On a trip to Philadelphia recently, I happened to mention to an
older Jewish lady that the Philadelphia Inquirer was just impossibly
liberal. "Liberal?" she responded, "Oh, no. They're very anti-Israel."
I did a double take. Well, yes, but those two things are not
inconsistent. Where has she been? The answer is, she speaks for many of her
generation. For Jews who came of age in the 1940s and '50s, whose formative
experiences were the Holocaust and the birth of Israel, liberalism and the
Democratic Party enjoy a halo effect. President Roosevelt appointed Jews to
his Cabinet and courted them as voters. Liberals fought anti-Semitism in
college admissions and employment. And President Truman, against the advice
of the State Department, recognized the newly created state of Israel.
Jewish loyalty to the Democratic Party has, alas, calcified and
is badly out of date. While many Jews remain politically frozen somewhere in
1952, both parties have changed mightily. While Jewish parents assiduously
teach their offspring that Democrats are their friends, the chief support
for Israel in the U.S. Congress now comes from conservative Republicans.
At the grass-roots level, too, conservatives are far more
supportive of Israel than liberals. And without the passionate support of
millions of Christians, it's hard to say whether Israel would enjoy the same
status as one of America's closest friends.
On other issues of importance to Jews, like equal opportunity in
education, the Democratic Party has changed. Where once it championed
nondiscriminatory policies beneficial to Jewish aspirations, it now backs
discrimination on the basis of race and sex. Jews doggedly pull the lever
for Democrats even as liberals have been getting progressively more tolerant
of anti-Semitism in new places (like the black community).
On college campuses today, supporters of Israel are embattled,
as movements to divest from companies doing business in Israel spread
throughout the country. The moral, for those who don't immediately see the
parallel, is that Israel is just as morally reprehensible as the old
apartheid government of South Africa. The Palestinian cause has turned many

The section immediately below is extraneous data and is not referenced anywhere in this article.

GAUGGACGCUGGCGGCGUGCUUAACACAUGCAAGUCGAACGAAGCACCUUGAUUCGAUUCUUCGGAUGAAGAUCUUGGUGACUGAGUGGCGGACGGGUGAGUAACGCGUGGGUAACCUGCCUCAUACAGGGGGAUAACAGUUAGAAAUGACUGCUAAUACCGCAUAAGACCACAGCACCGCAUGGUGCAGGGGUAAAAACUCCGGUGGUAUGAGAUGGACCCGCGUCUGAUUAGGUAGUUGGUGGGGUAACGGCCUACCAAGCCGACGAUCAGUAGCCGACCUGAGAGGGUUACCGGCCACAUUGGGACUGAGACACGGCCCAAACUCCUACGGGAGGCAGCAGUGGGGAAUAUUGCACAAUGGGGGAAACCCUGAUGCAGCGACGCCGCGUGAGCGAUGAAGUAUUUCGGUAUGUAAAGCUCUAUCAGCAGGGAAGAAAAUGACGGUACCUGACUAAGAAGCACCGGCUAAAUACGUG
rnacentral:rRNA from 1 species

liberals into Israel's enemies, but many Jews are slow to notice.
I cite this because it is relevant to the Trent Lott mess. I
believe that black voters are very like Jews in this respect. They harbor an
ancient loyalty to the Democrats that is based, more than anything else, on
their suspicion that Republicans don't like or respect them. Most American
blacks support school choice, which Democrats oppose, and a higher
percentage of blacks than whites are pro-life, another issue that -- absent
other considerations -- would make blacks lean Republican.
But on the all-important matter of racial politics, blacks still
believe that louts and secret racists people the Republican Party. Democrats
and racial provocateurs like Al Sharpton and Jesse Jackson do their best to
reinforce this stereotype at every opportunity.
But just as Republicans have been carrying water for Israel
unappreciated by many American Jews, Republicans have also been eager to
make a difference for black Americans. Conservative think tanks offer up
policy proposals to enhance civil society in black neighborhoods and to
improve standards for schools. But most black Americans imagine that these
groups spend their time clipping coupons and sipping sherry. Arguably,
welfare reform and school choice have done more to improve the lives of
inner city blacks than anything the Democrats have proposed in 20 years. Yet
many blacks believe that these were policies aimed at them, instead of for
It's been a long, uphill climb for Republicans to gain some
credibility with black Americans. Trent Lott's brainless comments opened a
trap door beneath them. A thousand mothers are saying, "I told you so," to
their kids who believed the world had changed. This isn't just a tactical
matter. This is painful because the Lott episode is convincing people of a
falsehood. Republicans, like nearly all Americans, are completely
anti-racist. In 2002, it shouldn't even be necessary to say this.
The Republican Party can salvage the situation only by moving
swiftly to remove Lott from the leadership. This crisis is a teachable
moment. The country is watching to see what kind of party the Republicans
have become. If the party quickly demotes Lott, those kids can turn to their
moms and say, "See, I was right!"